An alternative to developing high end pressure with the ram means 18 is a press assembly as shown in FIG. 3. The press assembly includes a first clamp 43 spaced downstream along the path 25 from the confining box 32. It successively clamps and releases the boards passing within it. The clamp 43 may be held stationary and operates directly against forces produced by a movable clamp 46 spaced between clamp 43 and the box 32.

The movable clamp 46 functions to alternately grip and release boards within it and intermittently moves longitudinally toward clamp 43. This produces compressive forces along the length of the engaged boards between the two actuated clamps. The press assembly operates as the ram 18 is retracted to receive the next board.

In the event the ram stroke may be somewhat less in length than the longest board, the ram will not push the trailing first end 13 of a board into the confines of box 32. In this event, the press assembly would also be used to advance the joined wood member so that the trailing first end could be positioned in the middle of the confining box before end pressure is exerted on the previously mated joint. To this end, the entire press assembly will move longitudinally, carrying the wood with it until clamp 43 moves into engagement with a fixed abutment 44. The movable clamp 46 then applies the necessary end pressure momentarily against the clamp 43 and abutments 44. Both clamps 43 and 46 then release the wood and return to their initial starting positions while the ram 28 drives the next board forwardly.

The basic purpose of the ram and movable press arrangement is to situate the successive first ends 13 of the boards within the confining box 32 prior to being joined with the incoming end of the next successive board. The confining box serves to rigidly hold the end 13 of the first board at a point near the midpoint of the box. The opposing or mating end 14 of the second board is thrust into the open end of the box so that the ends of the two pieces will meet and the joint is then mated inside the confining box. With proper machining of the joint ends the confining action of the box assures the desired alignment of the two pieces of wood and the entrance of each finger into the proper mating groove, even if one or both pieces of wood being joined contain a fair amount of warp. Additionally, small, short fingers can readily be employed with this apparatus.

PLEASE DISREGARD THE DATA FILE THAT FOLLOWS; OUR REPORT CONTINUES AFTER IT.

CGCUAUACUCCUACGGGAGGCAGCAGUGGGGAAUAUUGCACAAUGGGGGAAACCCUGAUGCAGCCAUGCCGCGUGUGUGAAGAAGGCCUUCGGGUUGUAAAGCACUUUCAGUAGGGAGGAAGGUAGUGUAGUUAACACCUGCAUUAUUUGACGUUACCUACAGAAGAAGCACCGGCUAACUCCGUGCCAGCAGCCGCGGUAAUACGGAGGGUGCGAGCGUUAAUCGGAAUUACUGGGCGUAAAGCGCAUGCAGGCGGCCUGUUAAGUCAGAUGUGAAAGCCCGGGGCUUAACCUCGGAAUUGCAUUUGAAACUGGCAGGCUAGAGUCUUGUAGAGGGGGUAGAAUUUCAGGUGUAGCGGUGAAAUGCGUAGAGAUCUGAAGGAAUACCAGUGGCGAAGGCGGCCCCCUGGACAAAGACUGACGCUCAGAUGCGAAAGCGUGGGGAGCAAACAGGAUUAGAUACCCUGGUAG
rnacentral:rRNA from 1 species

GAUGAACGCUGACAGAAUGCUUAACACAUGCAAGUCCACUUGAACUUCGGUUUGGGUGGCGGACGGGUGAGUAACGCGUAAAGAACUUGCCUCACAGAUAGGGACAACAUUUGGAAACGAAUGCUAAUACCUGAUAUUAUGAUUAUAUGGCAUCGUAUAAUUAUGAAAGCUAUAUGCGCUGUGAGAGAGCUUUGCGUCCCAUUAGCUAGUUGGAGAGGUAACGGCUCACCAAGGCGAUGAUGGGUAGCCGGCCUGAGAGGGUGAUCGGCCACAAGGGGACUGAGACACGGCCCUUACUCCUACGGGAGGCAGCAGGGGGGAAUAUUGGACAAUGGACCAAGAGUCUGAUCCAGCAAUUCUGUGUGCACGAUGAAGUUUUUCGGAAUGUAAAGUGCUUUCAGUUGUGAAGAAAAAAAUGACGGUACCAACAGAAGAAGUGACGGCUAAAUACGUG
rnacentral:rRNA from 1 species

In practice, the first end 13 of one board is positioned in the confining box 32 by the operation of ram 18. The ram then retracts to receive a second board. This board is placed in general alignment with the first board near the open end of the box 32. The ram 18 is then actuated to push against the first end 13 of the second board, thrusting it into the confining box 32 until its end 15 mates with the end 13 of the first board. This forward motion pushes the second board through the confining box (along with the mated first board) and brings the first end 13 of the second board into the confining box or adjacent thereto. In the FIGS. 1 and 2 embodiments, the ram must operate to push the second board end 13 directly into the confining box. In the FIG. 3 embodiment, the first ends 13 are drawn into the confining box by the press mechanism.

In the first, preferred forms of the invention, the ram will deposit the end 13 of the second board in the middle of the confining box. To do this, two or more sections of the box will retract before the ram reaches the end of its travel to prevent mechanical inteference. As an additional alternative, only the thrusting face surface of the ram might penetrate into the middle of the confining box, with the side guides 29 remaining at the box opening and sliding over a guide surface (not shown).